Value players might side with Axelrod, who is 10-1 on the morning line. His connections are not as well known, which makes him more attractive in terms of wagering.  

On TimeformUS, Axelrod only shows one number above 120. The Warrior’s Reward colt threw up a 127 while finishing second to McKinzie in the Pennsylvania Derby before regressing to a 118 in the Breeders’ Cup Classic when he finished ninth.  

But the Breeders’ Cup effort is not as bad as the finishing position suggests.

Axelrod makes a nice move on the far turn. His rally starts at around 1:10 in the video when he catches up with a fading Pavel, and then he gradually ranges up outside and places himself in sight of leaders Mendelssohn, Accelerate and Thunder Snow.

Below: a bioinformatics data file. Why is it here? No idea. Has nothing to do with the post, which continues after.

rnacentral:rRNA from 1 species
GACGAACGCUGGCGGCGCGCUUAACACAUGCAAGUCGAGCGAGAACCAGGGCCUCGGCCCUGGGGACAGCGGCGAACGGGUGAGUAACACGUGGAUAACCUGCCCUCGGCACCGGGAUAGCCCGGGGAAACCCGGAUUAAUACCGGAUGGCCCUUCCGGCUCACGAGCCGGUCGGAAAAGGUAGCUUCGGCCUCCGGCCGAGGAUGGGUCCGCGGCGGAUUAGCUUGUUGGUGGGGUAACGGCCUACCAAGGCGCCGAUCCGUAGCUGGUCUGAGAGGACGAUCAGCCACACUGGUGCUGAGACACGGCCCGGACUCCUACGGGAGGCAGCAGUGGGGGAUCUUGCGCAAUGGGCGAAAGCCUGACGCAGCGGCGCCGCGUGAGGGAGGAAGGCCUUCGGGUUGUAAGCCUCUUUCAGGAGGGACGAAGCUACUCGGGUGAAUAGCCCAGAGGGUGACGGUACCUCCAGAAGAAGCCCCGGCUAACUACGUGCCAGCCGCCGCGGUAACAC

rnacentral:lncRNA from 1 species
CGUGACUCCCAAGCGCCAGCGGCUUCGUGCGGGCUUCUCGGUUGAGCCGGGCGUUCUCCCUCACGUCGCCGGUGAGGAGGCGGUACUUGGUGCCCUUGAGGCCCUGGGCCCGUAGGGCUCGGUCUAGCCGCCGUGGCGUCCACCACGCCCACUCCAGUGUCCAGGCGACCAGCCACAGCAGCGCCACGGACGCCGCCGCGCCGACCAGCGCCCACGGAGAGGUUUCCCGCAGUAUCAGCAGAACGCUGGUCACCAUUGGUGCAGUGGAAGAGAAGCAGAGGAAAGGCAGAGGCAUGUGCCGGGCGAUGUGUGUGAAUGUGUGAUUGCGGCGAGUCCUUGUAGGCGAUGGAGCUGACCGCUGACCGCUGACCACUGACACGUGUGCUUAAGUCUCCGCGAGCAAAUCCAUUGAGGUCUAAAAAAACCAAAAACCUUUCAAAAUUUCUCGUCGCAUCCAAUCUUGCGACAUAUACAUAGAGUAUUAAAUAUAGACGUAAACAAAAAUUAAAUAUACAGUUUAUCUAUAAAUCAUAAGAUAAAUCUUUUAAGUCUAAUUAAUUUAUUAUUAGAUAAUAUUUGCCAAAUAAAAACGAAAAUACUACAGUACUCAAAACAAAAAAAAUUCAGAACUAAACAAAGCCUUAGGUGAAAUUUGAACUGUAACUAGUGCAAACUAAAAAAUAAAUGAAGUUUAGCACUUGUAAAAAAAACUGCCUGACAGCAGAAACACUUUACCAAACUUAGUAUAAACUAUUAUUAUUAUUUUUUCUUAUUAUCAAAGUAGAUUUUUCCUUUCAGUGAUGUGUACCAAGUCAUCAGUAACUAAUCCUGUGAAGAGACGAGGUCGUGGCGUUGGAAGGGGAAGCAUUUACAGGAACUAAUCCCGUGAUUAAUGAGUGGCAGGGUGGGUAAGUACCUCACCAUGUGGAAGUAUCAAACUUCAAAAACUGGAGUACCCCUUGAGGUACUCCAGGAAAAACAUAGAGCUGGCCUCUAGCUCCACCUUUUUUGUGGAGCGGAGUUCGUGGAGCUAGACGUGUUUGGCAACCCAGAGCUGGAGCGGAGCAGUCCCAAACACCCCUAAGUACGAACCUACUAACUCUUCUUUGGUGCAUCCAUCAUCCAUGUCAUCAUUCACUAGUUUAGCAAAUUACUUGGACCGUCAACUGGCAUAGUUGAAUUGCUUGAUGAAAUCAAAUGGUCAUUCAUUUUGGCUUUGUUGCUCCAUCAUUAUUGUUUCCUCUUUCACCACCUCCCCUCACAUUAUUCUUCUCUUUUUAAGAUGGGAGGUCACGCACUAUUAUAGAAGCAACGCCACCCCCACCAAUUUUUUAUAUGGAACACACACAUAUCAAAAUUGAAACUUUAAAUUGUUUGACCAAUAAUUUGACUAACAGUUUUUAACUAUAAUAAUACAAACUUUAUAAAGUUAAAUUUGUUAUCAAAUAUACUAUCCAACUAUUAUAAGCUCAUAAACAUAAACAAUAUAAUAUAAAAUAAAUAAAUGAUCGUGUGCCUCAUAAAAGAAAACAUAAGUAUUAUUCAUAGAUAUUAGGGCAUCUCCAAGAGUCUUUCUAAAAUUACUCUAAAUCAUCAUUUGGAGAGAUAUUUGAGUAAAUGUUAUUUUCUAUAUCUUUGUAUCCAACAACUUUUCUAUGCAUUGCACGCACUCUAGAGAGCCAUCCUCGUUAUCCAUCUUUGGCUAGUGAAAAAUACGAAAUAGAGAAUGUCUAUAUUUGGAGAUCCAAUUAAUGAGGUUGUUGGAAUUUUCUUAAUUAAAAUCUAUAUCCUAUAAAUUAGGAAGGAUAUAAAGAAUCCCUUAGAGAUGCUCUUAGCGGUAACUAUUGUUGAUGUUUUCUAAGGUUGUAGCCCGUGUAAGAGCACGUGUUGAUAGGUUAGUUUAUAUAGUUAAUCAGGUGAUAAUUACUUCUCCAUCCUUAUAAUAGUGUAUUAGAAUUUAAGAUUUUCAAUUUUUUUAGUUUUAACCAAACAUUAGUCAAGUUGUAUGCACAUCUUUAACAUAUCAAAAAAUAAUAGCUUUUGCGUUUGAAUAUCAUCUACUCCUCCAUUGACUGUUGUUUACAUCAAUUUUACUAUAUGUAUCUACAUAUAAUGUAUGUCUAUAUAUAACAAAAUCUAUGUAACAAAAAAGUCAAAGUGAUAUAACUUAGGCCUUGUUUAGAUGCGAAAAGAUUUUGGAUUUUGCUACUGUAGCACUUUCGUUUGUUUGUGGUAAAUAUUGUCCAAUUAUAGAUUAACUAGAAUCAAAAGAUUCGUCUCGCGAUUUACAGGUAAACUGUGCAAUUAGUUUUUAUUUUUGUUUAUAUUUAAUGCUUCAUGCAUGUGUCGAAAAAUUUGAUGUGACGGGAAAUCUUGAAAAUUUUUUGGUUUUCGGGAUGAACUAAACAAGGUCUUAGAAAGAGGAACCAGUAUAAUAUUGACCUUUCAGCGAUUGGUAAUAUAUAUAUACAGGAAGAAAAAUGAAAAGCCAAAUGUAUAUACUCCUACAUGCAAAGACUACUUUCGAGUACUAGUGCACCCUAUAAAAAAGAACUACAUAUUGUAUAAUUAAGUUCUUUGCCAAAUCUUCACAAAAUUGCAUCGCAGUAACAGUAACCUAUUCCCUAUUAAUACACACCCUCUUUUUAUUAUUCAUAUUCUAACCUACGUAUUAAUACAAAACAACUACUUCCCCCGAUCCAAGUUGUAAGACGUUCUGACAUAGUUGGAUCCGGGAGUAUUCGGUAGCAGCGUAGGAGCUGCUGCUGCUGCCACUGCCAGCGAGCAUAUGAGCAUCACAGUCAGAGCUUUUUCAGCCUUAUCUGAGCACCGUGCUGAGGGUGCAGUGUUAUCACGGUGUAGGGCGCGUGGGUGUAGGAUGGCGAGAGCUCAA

After all that great work, Axelrod came up empty.

Maybe the 1 ¼-mile distance proved too far for him. A closer inspection of Axelrod’s pedigree reveals a sprint-oriented bottom side. For example, the dam Volatile Vickie made 14 career starts, and 12 of them came in sprints. Axelrod’s most successful sibling, Trelawny, made 85 starts, and 59 of those races were sprints.

Cutting back to seven furlongs should place Axelrod toward the back of the field, and if the pace develops as the TimeformUS Pace Projector suggests, he will fire.

Which other stalkers or closers are classy enough win?

Still Having Fun and Seven Trumpets are underneath types. Chad Brown-shipper Identity Politics falls into this category, too, but his ceiling is higher than those two.

Kanthaka brings some back class as the San Vicente Stakes (G2) as the Lazaro Barrera Stakes (G3) winner, although he fails to show one TimeformUS number above 120.